17. Billow Observatory : II: Plains/Patterns

Billow Observatory work not only in these new age sounds, but they also work in vast open spaces that allow those sounds to expand and retract with each successive listen. Their first album was this monolithic expanse of distant synths and guitar that allowed you to get lost inside for however long you allowed yourself. On their new album II: Plains/Patterns, those cavernous spaces still exist but feel warmer and there seems to be more light allowed in. It’s like a shoegaze band was sucked into a black hole and what emerges on the other side is something wholly new and exquisite.


16. Moon Duo : Occult Architecture Vol. 2

Moon Duo have always dabbled in the darkness, creating a space-out, psychedelic boogie that is equal parts ZZ Top and Suicide. On their part 2 of the Occult Architecture series they’ve decided to let some light in. It’s an eye and ear-opening listen, with the band looking on the lighter side to stunning effect.


15. Carlton Melton : Hidden Lights

Hidden Lights is an appetizer for what’s to come from Carlton Melton in 2018. As far as appetizers go, it’s an absolute delight. Mind-expanding psych and heady drones that keep you pondering and reaching for answers to the bigger questions.


14. Com Truise : Iteration

By far the best Com Truise to date. Seth Haley has whittled down the hard techno vibes of earlier Com Truise records and made a tight, melody-driven album. Iteration is the perfect late night drive soundtrack.


13. Courtney Barnett & Kurt Vile : Lotta Sea Lice

The low key vibes of Courtney Barnett and Kurt Vile coming together on a collaborative record seems like something that would be mentioned to a friend in a beer-soaked evening as a great idea, but an idea that would probably never happen. Well that idea turned to reality and let me tell you it’s one hell of a record. Hooky pop slung by two of the great songwriters working today. This record is a joy to spin.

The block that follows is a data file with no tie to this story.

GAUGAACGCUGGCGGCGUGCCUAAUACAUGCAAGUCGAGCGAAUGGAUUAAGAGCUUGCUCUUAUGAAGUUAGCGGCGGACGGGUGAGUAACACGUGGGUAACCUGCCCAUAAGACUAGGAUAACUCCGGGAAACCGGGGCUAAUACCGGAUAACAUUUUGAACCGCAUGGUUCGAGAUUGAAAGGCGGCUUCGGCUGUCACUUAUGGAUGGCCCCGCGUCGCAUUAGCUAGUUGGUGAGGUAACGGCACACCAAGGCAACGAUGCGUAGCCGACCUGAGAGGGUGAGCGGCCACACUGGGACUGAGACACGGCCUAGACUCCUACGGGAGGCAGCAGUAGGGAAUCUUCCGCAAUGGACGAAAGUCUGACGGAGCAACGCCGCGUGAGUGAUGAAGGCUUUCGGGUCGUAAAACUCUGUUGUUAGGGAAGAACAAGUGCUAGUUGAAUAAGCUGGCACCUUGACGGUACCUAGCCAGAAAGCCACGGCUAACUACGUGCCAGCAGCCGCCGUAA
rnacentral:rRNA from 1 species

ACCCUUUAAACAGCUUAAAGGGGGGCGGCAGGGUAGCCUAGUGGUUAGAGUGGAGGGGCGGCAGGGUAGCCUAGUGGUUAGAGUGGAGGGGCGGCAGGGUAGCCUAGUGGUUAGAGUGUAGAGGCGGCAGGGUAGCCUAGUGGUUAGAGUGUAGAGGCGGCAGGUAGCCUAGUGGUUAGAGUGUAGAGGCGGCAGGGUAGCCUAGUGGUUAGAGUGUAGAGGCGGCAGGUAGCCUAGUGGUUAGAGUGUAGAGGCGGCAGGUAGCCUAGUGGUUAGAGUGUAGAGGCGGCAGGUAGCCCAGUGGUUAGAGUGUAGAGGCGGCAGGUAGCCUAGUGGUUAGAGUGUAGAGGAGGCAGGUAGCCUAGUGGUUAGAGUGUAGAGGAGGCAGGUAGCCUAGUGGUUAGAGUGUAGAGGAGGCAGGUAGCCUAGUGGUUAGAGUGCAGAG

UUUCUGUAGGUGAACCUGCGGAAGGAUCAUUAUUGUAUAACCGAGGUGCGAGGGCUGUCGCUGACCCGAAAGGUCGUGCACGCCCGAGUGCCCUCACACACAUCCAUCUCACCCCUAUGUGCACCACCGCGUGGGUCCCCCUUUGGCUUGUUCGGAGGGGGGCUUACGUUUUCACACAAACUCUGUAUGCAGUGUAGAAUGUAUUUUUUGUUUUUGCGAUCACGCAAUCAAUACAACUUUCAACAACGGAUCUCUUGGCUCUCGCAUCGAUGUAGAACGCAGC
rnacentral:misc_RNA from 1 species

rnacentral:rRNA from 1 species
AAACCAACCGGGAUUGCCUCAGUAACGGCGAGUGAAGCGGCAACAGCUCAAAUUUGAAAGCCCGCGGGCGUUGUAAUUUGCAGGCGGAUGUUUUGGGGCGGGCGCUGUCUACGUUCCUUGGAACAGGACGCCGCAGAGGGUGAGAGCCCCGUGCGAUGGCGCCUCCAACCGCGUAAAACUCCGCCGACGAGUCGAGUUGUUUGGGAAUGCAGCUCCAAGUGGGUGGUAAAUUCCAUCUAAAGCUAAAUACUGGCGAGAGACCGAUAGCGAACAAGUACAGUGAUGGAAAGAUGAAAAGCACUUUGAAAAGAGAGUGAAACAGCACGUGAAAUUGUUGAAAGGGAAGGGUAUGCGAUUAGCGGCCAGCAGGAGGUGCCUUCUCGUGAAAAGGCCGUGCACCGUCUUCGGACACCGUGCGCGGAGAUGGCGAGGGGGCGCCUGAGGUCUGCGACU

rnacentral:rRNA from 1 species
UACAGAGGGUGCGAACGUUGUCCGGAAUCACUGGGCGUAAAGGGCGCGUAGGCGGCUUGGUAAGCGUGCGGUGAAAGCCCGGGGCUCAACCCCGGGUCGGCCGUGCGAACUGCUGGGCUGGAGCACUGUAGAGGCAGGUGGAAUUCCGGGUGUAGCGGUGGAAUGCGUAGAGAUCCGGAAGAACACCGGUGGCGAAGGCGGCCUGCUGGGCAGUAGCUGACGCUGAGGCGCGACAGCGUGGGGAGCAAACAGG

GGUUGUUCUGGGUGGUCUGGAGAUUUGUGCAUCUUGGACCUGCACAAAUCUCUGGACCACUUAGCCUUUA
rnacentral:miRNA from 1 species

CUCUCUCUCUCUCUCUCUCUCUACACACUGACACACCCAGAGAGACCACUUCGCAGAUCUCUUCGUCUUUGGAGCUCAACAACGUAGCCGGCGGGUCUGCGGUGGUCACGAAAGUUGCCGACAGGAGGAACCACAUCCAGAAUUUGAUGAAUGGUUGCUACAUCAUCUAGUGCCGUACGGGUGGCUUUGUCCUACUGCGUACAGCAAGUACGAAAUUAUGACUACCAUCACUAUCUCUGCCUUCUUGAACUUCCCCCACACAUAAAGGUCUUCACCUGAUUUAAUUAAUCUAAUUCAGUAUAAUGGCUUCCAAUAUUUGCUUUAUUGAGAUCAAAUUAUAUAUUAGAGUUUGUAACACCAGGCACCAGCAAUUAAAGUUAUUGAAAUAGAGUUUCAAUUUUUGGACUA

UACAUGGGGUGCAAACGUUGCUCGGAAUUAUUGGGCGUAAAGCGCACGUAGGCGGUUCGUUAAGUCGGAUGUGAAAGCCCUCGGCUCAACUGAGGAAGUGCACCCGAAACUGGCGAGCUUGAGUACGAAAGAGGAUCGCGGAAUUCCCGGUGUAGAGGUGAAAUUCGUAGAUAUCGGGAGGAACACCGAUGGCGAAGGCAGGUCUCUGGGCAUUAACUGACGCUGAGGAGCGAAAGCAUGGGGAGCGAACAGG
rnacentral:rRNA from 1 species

12. Protomartyr : Relatives In Descent

Protomartyr is like this street-level,  back alley version of The National. There’s something darkly gallant about their poetic and often melodic post-punk songs. Each record has gotten both clearer and obtuse. Relatives In Descent doesn’t quite perfect or one-up their last record The Agent Intellect more than it keeps that angst in motion. That’s not a bad thing in my book.


11. Ulrich Schnauss & Jonas Munk : Passage

Another beauty of a record from Azure Vista, this time masters of ambient textures and hazy vibes Ulrich Schnauss and Jonas Munk. Passage is near perfect electronic and ambient music. It’s an exquisite mix of both artists’ solo work, reaching back into Munk’s work in Manual. If you’re looking for good vibes look no further than Passage.


10. Tangerine Dream : Quantum Gate

I think Tangerine Dream’s Quantum Gate has been one of the biggest surprises of the year for me. Not that I didn’t think it would be good, but I had no idea it would be this good. When Edgar Froese passed away at the beginning of 2015 I couldn’t imagine the band continuing on at all, but Ulrich Schnauss, Thorsten Quaeschning, and Hoshiko Yamane are keeping the Komische master’s memory and spirit alive and well on the first post-Froese Tangerine Dream record of original material. This is primo TD, but with a more modern take.


9. METZ : Strange Peace

Over the course of three albums the Canadian trio METZ have lashed our ears and brains with jagged, distortion-fueled songs that sound battered together more than constructed. Sawtooth tracks bolted together like razor-sharp sheet metal and held together with psychic trauma. After 2015s II it felt like they guys hit a turning point: do they go in more of a pop direction or continue digging a hole to Hell with their instruments. The answer is the excellent Strange Peace, a record that somehow gets louder and more abrasive while also shoving pop hooks in our ears at the same time. The guys had been making music that sounded like it was produced by Steve Albini, so METZ decided this time around to head to Chicago and let the man work his magic in person. As far as rock and roll records go these days, this is one of my favorites.